As a major part of our class blogging this semester we were asked to follow different teacher blogs. In following these blogs there has been a great personal capacity for learning and reflection. In seeing how other teachers brand themselves, participate in a global discussion and share in the development of a 21st Century identity I have been incredibly fortunate to learn about the wide range of resources and support systems that are in place to help teachers all over the world. I have specifically been following three blogs over the later half of the semester, and will definitely continue to do so in the future. Although my initial blogs unfortunately went inactive, I was fortunate to come across three very distinctly different resources. The first blog that I have been following is Larry Ferlazzo’s Website of The Day.This blog is holds an abundance of educational resources curated by Ferlazzo, aimed at teaching ELL, ESL and EFL. Centered almost fully on web-based resources Ferlazzo makes it very easy to find a new technological resource for your students. I think that a lot of the time the digital world can be overwhelming, and knowing where to start in your search can be daunting. I believe that this potentially could be where a lot of push back comes from in terms of technology. It is great to integrate technology and websites into your lessons but if you don't know where to start it can be incredibly hard. I think that this is why Ferlazzo’s blog is so wonderful. Ferlazzo fully embodies many 21st Century skills and literacies in his blogging, tweeting and curating. With almost 45000 followers, he opens the educational boundaries and pushes to share information in our digital age. He looks to incorporate media literacy into the classroom for students, but also makes it an accessible construct for teachers. By connecting others so easily to the multitude of online resources, Ferlazzo reminds teachers that BYOD and other technological based educational lessons can be more rich than every imagined. If you don't know what BYOD is, check out this great informational video from the Peel District School Board.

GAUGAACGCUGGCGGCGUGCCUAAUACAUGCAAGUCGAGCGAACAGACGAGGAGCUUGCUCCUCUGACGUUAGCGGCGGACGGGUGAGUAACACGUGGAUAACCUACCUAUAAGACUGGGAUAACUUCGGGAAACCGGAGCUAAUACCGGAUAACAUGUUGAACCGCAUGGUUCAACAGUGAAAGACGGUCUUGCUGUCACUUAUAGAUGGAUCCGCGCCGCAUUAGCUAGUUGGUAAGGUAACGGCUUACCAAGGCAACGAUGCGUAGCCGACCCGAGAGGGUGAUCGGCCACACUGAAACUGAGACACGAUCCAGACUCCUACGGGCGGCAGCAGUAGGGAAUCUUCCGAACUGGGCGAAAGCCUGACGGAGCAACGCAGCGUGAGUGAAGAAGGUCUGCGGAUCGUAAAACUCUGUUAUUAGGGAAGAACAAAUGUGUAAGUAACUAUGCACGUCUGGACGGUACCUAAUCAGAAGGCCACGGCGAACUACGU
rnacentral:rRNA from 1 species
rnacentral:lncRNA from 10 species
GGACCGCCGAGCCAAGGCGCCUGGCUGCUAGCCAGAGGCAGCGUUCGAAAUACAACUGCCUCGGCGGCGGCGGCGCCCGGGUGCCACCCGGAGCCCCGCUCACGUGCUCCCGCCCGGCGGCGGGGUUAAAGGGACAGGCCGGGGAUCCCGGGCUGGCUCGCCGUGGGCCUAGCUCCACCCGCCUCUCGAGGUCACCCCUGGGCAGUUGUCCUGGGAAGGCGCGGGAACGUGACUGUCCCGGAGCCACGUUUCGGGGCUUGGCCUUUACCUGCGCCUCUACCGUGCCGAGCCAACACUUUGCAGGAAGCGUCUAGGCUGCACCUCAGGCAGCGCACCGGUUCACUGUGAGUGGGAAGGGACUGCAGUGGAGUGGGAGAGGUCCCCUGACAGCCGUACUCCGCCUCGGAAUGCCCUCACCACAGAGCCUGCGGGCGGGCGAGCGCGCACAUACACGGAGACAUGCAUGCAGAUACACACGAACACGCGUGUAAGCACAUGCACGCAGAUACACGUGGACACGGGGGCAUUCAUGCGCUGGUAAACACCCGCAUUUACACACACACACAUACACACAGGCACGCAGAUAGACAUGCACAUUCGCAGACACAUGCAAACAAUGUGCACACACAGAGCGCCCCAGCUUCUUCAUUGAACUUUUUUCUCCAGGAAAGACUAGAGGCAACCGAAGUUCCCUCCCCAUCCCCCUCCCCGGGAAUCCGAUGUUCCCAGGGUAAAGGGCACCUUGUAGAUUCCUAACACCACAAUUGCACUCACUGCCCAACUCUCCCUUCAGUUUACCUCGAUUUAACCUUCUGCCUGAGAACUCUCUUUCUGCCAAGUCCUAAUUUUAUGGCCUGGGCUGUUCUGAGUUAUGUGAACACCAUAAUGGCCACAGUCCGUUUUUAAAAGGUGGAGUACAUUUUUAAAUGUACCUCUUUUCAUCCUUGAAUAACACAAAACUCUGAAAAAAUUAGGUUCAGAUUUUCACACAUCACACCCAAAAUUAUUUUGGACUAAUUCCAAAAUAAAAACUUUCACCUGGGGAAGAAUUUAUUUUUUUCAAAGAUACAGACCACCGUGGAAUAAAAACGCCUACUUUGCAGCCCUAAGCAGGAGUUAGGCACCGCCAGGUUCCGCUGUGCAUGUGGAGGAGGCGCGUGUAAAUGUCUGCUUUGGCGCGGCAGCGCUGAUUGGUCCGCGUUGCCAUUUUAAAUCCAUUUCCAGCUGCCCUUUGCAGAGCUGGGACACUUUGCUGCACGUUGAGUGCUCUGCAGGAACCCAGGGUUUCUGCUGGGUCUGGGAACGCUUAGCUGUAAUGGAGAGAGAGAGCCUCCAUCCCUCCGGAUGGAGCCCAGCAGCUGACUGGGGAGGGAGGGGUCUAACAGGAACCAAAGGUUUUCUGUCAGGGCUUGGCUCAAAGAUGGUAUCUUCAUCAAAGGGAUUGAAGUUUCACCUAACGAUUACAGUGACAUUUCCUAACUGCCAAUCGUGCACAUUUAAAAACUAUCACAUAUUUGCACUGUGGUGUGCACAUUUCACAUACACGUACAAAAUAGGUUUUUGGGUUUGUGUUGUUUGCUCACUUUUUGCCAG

The next blogger that I followed throughout the semester is BYOD, ASAP.  Although this blog isn’t updated as frequently as Ferlazzo’s, it offers valuable insight into the process of integrating the BYOD movement into your classroom. This blog is focused on a Secondary Math and Science classroom, where students are asked to be metacognitive about their own learning. The blog is separated into project ideas, teacher experiences and other thoughts and questions. Heather speaks frequently about student centered learning, and how teacher understanding can nurture this learning. Furthermore, this blogger is admittedly new to BYOD and is “ convert[ing] my classes over to BYOD, focusing on independent and proficiency-based learning”. By sharing the process and journey with her followers, Heather is creating accountability and transparency for the integration of 21st Century skills into her classroom. As an experienced teacher followers watch her work with new concepts and skills, and can see the ways in which students thrive in the BYOD world. If you get a chance, I would really recommend reading Pioneers” as it gives an incredible amount of information surrounding teacher and student reactions to BYOD integration. Heather contributes to the media and technological literacy of her students, while showing other teachers her process. In showcasing this process, I think that this blog shows that integrating technology isn’t the easiest or most streamline process. However, if you work hard at it and do it properly, the learning community that arises is absolutely incredible!